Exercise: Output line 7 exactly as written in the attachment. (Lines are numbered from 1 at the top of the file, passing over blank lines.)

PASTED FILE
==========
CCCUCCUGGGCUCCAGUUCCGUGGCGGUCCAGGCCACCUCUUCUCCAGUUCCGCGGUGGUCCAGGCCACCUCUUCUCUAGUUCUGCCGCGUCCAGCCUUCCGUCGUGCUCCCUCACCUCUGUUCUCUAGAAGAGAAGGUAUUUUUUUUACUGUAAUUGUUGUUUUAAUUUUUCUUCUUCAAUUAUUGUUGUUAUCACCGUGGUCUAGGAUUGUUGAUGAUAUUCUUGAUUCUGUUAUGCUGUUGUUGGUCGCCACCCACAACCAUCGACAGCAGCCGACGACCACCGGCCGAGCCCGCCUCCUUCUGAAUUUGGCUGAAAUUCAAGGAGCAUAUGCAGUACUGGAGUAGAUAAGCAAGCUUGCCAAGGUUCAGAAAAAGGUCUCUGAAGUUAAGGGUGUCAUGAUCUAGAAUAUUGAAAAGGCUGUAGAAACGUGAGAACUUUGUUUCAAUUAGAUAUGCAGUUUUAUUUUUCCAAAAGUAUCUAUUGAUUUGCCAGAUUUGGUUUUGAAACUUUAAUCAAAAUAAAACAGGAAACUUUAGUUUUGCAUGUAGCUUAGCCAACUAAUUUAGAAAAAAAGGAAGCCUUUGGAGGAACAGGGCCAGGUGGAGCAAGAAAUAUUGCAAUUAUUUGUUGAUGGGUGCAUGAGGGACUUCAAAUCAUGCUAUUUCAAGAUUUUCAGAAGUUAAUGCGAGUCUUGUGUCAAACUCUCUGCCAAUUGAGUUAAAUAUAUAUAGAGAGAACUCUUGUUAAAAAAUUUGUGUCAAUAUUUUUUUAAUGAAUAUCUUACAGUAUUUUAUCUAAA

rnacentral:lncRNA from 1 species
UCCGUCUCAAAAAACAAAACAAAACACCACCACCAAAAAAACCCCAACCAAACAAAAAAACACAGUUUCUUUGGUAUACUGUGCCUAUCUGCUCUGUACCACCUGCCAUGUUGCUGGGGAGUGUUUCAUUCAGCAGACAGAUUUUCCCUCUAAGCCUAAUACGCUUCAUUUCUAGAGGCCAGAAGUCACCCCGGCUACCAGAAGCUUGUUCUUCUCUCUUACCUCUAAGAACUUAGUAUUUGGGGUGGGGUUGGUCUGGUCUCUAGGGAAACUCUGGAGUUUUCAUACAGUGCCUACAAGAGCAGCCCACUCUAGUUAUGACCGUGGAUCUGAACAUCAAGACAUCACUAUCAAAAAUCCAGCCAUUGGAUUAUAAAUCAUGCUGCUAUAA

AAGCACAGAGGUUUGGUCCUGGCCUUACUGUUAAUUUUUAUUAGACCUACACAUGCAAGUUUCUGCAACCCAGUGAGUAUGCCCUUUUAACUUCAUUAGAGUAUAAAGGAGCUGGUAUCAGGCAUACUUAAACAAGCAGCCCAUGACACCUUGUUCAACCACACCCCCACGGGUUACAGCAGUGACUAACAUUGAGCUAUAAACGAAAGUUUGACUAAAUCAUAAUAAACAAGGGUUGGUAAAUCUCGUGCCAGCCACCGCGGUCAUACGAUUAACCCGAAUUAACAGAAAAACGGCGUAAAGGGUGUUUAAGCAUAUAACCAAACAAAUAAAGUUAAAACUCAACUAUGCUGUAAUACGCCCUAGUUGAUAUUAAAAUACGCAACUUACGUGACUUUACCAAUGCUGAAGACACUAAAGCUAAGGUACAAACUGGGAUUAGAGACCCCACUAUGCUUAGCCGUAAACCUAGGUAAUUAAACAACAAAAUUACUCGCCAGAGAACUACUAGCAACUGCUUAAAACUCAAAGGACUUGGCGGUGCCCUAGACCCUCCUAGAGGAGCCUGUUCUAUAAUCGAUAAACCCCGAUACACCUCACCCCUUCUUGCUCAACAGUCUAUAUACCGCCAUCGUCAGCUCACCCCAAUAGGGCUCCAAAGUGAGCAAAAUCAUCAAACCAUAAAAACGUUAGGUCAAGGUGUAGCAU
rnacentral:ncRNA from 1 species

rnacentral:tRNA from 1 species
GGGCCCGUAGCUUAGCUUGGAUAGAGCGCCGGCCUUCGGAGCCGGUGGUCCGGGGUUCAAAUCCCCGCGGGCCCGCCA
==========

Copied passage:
GGGCCCGUAGCUUAGCUUGGAUAGAGCGCCGGCCUUCGGAGCCGGUGGUCCGGGGUUCAAAUCCCCGCGGGCCCGCCA